Small may be relative in a rather ‘large’ small-scale mining sector as Ghana pushes its formalization.

The small-scale and large-scale mining sub-sectors sum up the entire mining sector in Ghana. Now that sounds like an obvious equation isn’t it? But for the curious minds, drilling further reveals some realities which throw this equation off balance. Take a closer look and it becomes apparent the scale and depth of operations of the small-scale mining sector in Ghana have now outgrown their classification and warrants a third scale.

In a head-turning moment, Ghana overtook South Africa in 2018 to become the largest gold producer in Africa with a production output of 4.8 million ounces compared with South Africa’s 4.2 million ounces. An extra 0.6 million ounces guaranteed this leadership. In all, the small-scale mining sector contributed circa 40% of total output. Then in 2020, reports from the state mining regulator, Minerals Commission, show that the sector generated 31% share of total ounces of almost 4.1 million produced. At such a scale, it is only a matter of time before the sub-sector closes the gap with the large-scale. Thus, it begs the question whether a medium scale sub-sector is needed and should the growing ‘small scale sub-sector be regulated differently? Having followed the trends in the mining landscape for some time now, it came as no surprise to me when the government of Ghana recently ramped up efforts to strengthen the formalisation of the sub-sector to target, control and manage ‘small-scale’ mining amidst its growth and accompanying value chain struggles. For many, it is understandable and reminds me of a series of policy and institutional shifts of the past years within the sector which I shall spotlight in the next few paragraphs.  

The journey: the transition and changes in Ghana and other countries

I was privileged to pay a courtesy call on the Ghana secretariat of the now defunct Inter-Ministerial Committee on Illegal Mining in 2017. I noted on my visit, the national priorities, and the intentions to apply technology (e.g. drone technology, G.I.S etc.) and digital strategies to strengthen controls and management of small-scale mining operations. It is heartening to recount that initiatives such as these found favour with many Ghanaians and helped to shape the steps that were taken to purge the looming environmental disaster from unregulated mining. There is more: it ushered in a ‘second phase’ of policy reform, political will, and commitment from the highest office of the land – the Presidency – to fight illegal mining a central theme of the small-scale mining formalisation efforts. Earlier reforms which I call the ‘first phase’, are given meaning by the Small Scale Gold Mining Law, 1989 (PNDCL 218); the Minerals and Mining Act, 2006 (Act, 703) and allied regulations and amendments but we shall focus on the second phase in this discussion.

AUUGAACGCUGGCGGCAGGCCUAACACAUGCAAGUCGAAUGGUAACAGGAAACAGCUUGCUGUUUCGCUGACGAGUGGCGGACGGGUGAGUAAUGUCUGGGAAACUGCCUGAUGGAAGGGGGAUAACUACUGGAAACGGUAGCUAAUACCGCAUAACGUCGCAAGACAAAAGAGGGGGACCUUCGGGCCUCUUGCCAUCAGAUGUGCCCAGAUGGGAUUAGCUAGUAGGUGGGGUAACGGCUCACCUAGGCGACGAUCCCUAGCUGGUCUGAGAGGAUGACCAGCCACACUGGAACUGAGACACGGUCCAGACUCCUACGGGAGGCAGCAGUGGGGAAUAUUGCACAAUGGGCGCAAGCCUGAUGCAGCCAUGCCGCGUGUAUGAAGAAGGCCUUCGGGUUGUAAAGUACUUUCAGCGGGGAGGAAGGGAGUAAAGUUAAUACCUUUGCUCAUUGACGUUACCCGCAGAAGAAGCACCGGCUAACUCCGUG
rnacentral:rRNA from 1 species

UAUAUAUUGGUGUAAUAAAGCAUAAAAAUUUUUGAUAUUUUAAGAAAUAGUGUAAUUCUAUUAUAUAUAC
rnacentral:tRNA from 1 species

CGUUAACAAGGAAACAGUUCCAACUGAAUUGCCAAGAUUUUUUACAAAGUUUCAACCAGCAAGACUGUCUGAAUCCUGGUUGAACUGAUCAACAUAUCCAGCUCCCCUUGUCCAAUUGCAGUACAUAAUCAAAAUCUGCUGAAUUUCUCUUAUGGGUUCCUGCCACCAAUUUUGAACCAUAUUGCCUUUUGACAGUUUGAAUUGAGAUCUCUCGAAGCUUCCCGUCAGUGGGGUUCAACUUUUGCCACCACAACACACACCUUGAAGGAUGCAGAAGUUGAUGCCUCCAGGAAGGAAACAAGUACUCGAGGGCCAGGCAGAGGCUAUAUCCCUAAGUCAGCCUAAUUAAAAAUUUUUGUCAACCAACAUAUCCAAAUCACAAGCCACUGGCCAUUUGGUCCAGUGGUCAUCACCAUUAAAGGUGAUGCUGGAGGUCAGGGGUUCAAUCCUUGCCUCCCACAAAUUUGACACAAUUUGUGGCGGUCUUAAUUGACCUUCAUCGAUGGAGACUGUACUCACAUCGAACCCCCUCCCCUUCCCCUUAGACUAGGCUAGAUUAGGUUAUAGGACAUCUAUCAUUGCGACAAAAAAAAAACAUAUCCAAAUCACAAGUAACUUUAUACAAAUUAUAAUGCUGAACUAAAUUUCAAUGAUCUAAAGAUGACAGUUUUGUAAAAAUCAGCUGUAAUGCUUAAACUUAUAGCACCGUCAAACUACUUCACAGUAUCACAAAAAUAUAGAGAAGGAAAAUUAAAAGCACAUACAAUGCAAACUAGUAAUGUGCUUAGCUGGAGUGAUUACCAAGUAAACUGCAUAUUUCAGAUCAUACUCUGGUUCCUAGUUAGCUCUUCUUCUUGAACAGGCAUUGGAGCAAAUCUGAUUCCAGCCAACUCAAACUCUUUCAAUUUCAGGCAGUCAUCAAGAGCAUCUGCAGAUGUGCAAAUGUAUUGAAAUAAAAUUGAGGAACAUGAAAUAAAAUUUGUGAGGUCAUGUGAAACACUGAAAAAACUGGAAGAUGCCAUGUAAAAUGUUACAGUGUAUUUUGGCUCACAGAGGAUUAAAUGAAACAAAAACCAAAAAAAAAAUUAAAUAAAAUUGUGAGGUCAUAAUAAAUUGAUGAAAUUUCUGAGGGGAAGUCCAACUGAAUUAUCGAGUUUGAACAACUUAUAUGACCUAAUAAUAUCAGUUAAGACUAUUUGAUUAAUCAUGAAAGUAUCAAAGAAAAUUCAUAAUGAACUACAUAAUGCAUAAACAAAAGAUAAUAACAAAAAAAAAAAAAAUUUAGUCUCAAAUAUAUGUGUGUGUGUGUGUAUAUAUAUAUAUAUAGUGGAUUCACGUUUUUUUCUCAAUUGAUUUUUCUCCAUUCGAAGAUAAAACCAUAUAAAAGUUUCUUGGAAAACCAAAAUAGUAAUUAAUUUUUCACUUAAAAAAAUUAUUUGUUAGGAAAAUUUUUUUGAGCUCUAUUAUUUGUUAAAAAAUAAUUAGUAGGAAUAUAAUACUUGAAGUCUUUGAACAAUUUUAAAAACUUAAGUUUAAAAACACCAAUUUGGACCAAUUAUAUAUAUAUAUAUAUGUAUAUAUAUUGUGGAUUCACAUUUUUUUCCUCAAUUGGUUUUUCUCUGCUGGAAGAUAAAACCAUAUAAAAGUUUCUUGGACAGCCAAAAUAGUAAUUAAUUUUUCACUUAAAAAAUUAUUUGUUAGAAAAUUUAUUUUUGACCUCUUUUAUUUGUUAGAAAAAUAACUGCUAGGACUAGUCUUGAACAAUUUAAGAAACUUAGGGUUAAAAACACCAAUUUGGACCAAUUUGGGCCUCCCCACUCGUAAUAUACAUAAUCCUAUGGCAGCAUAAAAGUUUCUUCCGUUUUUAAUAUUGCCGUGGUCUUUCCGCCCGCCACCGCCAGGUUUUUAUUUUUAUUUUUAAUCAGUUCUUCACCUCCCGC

Currently there are two main formalisation instruments deployed in Ghana: the upstream control instruments and financial instruments. As part of an economy-wide digitalization agenda, the Vice President of Ghana courts a public drive and shift of the economy from its informal nature to a bank-driven formal economy through digital payment systems, deployment of tech-based business systems and processes in state regulatory institutions to name a few. While it is not given that this is the silver bullet for an economic leap, it does carve the way for efficient targeting (a critical element in the formalisation efforts) of operations of businesses including the small-scale mining sub-sector. This measure is one amongst a few others. Under what is termed the Community Mining  Scheme, a cooperative type of arrangement is instituted to cluster small scale mining operations in specially delineated concessions that will pool resources and support services to specific areas and at the same time, help to control and manage the environmental risks to mining. It appears this is not only happening in Ghana. To the east, there is a similar initiative in Nigeria. This scheme aims to pivot kaolin, barite and other minerals under a minerals processing cluster initiative envisaged in the country’s Economic Sustainability Plan. For Nigeria, this initiative could save the government up to US$300 million in imports of barite. Thus revenue motivation has been instrumental in these national level efforts to formalize small-scale mining.

Changes such as in the preceding analysis have not only been in West Africa. In East Africa, there have been some movements which qualify as financial formalisation in this area as well. These reforms are not related to community mining schemes but are critical for sector reforms and growth in the region and so I will unpack a few examples. In April 2021, Uganda whose largest export commodity is gold, proposed a US$200 tax bill per kilogram of gold exported. The purpose was to help revolutionize the mining sector revenue collections, but it faced stiff opposition by players in the gold mining sector. Ghana was not spared by the mining associations when a similar effort was introduced. Currently a 3% withholding tax on export volumes of gold is blamed for increased cross-border smuggling of gold. This is a claim by the small-scale mining associations which could be re-examined as it could pose a potential stonewall to integrating financial instruments, a subject I will visit later in this write up. Elsewhere in Kenya, there is a new twist similar to Ghana’s ‘second phase’ reforms where new gold finds by companies such as British Acacia Mining and Shanta Gold in the Kakamega-Busia gold belt have come with some fiscal regime efforts to give back 30% of gold revenues to the small scale miners. Other reforms include mine safety trainings and skills building for small scale Miners. In these formalisation efforts, financial instruments are involved. But will the government, in Uganda for instance, yield to pressure? Ghana’s has already, regardless of the cost to revenue inflows, with the current 2022 budget statement proposing to reduce this tax from 3% to 1.5%. Ghana’s external debt as at July 2021, stood at about US$28 billion and government will spend up to 45% of its revenue on debt servicing in 2021 alone. It is not clear with this there is enough fiscal leg room to address many critical development priorities. It also begs the question whether it was a political decision announced on this tax cut or otherwise and should Parliament approve this? Deliberations are ongoing and I observe with keen interest.